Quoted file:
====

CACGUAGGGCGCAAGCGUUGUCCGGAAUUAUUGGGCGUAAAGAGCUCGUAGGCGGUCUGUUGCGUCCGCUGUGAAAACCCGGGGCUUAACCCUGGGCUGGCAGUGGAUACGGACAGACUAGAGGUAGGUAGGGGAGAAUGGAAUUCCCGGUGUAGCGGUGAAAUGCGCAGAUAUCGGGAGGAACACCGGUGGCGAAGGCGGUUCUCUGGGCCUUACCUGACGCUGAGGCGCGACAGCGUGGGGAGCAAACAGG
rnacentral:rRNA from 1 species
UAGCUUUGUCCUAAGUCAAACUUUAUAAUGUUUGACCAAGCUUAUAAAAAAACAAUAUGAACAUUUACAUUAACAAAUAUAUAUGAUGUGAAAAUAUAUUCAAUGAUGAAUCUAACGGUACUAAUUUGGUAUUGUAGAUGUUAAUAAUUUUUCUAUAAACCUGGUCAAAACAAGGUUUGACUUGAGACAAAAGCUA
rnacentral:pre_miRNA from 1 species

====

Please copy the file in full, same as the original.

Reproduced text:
CACGUAGGGCGCAAGCGUUGUCCGGAAUUAUUGGGCGUAAAGAGCUCGUAGGCGGUCUGUUGCGUCCGCUGUGAAAACCCGGGGCUUAACCCUGGGCUGGCAGUGGAUACGGACAGACUAGAGGUAGGUAGGGGAGAAUGGAAUUCCCGGUGUAGCGGUGAAAUGCGCAGAUAUCGGGAGGAACACCGGUGGCGAAGGCGGUUCUCUGGGCCUUACCUGACGCUGAGGCGCGACAGCGUGGGGAGCAAACAGG
rnacentral:rRNA from 1 species
UAGCUUUGUCCUAAGUCAAACUUUAUAAUGUUUGACCAAGCUUAUAAAAAAACAAUAUGAACAUUUACAUUAACAAAUAUAUAUGAUGUGAAAAUAUAUUCAAUGAUGAAUCUAACGGUACUAAUUUGGUAUUGUAGAUGUUAAUAAUUUUUCUAUAAACCUGGUCAAAACAAGGUUUGACUUGAGACAAAAGCUA
rnacentral:pre_miRNA from 1 species